pardon and parole in political muddle
By Santhush Fernando
The controversy over the fate of the jailed UNP national organizer
S.B. Dissanayake has taken new twists and turns. While Parliament
Secretary General has informed the Elections Commissioner that Mr.
Dissanayake has forfeited his seat and the next on the list should
be named, charges and counter-charges are being flung around over
Mr. Dissanayake’s appeal for parole. UNP parliamentarian Mahinda
Wijesekera who heads a committee campaigning for Mr. Dissanayake’s
release, charged there was some foul play to sabotage the parole
plea made to the Appeals Board.
parole laws, any prisoner serving a term of two years or more could
appeal for parole after completing two-thirds of the sentence and
Mr. Dissanayake is eligible for this in April.
Board Chairman, former Court of Appeal Judge Hector S. Yapa said
the board had not taken up Mr. Dissanayake’s case but declined
further comment. Deputy Justice Minister Dilan Perera and Ministry
Secretary Suhada Gamalath denied Mr. Wijesekera’s charges
that Mr. Dissanayake’s appeal had been sabotaged. But they
did not give reasons as to why his case was not considered.
Wijesekera in a letter to President Mahinda Rajapakse charged that
Mr. Dissanayake’s appeal had been forwarded to the chairman
of the Appeals Board but the chairman had not put it to the board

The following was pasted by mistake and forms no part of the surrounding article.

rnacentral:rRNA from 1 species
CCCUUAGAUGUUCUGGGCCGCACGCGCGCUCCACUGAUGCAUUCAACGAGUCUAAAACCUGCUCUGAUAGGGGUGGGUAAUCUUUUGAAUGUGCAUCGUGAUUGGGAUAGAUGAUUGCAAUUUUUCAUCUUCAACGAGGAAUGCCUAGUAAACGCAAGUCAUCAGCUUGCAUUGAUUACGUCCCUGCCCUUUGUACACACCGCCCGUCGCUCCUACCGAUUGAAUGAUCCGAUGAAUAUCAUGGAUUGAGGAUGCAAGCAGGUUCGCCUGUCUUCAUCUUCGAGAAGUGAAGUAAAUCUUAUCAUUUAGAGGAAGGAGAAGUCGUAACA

due to some political pressure.
Deputy Minister Perera denied this charge, saying all members of
the Appeals Board were former judges and there were no political
Meanwhile a controversy has also arisen over an appeal made in this
regard to the Supreme Court. Mr. Wijesekera said although a petition
was filed, the registrar of the court had informed the Secretary
General of Parliament that there were no such petition filed. Thus
the Secretary General had informed the Elections Commissioner that
Mr. Dissanayake’s seat was vacant.
Wijesekera said he was surprised by President Rajapakse’s
move to refer the matter of a Presidential pardon to the Supreme
said such a reference was not in keeping with the Constitution and
the court had referred the matter back saying it could not give
an opinion relating to a person it had convicted.